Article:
As a demonstration, if you were asked what is the probability that at least two people from a group of thirty have the same birthday, you might say, "well 30 people, 365 days, I guess 1 in 10 or 11? It's not that simple, and this is a simple problem. It's equal to: 1 - the probability that no two people share the same birthday:
Probability isn't very intuitive most of the time, like the example above. Another reason is that it is not mathematical. Probability uses math for efficiency, but it's not a very good fit. Again, consider the example above. The math is incidental. Solving the problem is imagining the steps.
Let me explain how differential privacy works. Suppose we have a database with sensitive information such as people and credit ratings. A hacker wants to know how many people have a poor credit rating (N). We add (bear with me) some random noise by adding a random number K from a zero-centered Laplace Distribution with standard deviation 2. The hacker gets the answer N+K. Laplace distribution:
The hacker will not know that the query returned an incorrect answer. However, there is a limit. Each successive query will return an answer closer to the truth and estimate the correct answer eventually. Remember, the "noise" is a random variable. There is a "Privacy budget" that can be set so that if the sensitivity is getting to a certain point, the algorithm simply stops responding. One of DP's primary goals is balancing privacy and maximizing utility (which can be measured as data accuracy). As Cynthia Dwork explained in Differential Privacy (PDF):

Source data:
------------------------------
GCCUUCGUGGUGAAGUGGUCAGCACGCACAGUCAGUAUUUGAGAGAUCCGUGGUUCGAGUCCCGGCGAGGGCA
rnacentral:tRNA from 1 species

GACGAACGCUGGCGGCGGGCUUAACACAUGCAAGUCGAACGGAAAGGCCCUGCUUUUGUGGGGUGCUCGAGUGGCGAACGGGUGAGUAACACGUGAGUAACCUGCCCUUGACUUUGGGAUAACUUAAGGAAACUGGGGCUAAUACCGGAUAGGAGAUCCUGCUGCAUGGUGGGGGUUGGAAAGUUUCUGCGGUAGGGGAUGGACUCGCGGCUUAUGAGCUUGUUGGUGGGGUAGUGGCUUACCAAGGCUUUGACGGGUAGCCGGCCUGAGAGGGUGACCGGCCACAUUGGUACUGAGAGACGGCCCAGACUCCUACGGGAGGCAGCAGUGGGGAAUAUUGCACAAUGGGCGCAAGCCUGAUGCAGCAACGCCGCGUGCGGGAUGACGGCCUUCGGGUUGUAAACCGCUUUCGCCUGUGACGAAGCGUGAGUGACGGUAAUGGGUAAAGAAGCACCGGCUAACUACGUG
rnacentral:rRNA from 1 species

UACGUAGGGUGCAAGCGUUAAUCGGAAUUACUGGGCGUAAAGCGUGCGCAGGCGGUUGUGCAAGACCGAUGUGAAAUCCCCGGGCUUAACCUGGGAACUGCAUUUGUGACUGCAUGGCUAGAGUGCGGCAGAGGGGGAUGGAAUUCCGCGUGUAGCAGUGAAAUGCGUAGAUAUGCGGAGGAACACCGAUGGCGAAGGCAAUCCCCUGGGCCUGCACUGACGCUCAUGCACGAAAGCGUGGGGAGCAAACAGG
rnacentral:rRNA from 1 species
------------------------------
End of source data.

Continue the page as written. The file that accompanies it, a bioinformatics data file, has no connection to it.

DP eliminates any potential methods a data analyst might have to distinguish a particular individual from other participants or associate particular behaviors with a previously identified individual in order to tailor content/services accordingly; consequently, DP makes sure that the privacy risk associated with participating in the study is not significantly increased.
Organizations strive to know very personal things about people in their data, such as preferences for travel, bank transactions, or hospital clinical data. A typical application is for a company to review if its targeting strategies are performing. Differential privacy gives investigators access to the most private data without revealing the individuals' actual identity. Other anonymization techniques remove relevant data to protect privacy. Differential privacy is a probabilistic approach defined by a mathematical definition of privacy, privacy as a random variable to quantify the level of security. Working with a dataset, it is impossible to identify individual persons while preserving all of the data for analysis.
DP is not easy to explain. We all think of datasets for analytics as what they are, and querying them should give the same answer every time. It's hard to wrap your head around the idea these answers will be "noisy" unless you can bypass the querying method.
I will summarize conversations with technology vendors implementing DP solutions to provide some specificity to how this works in future articles. For example, Apple and Microsoft are actively employing DP.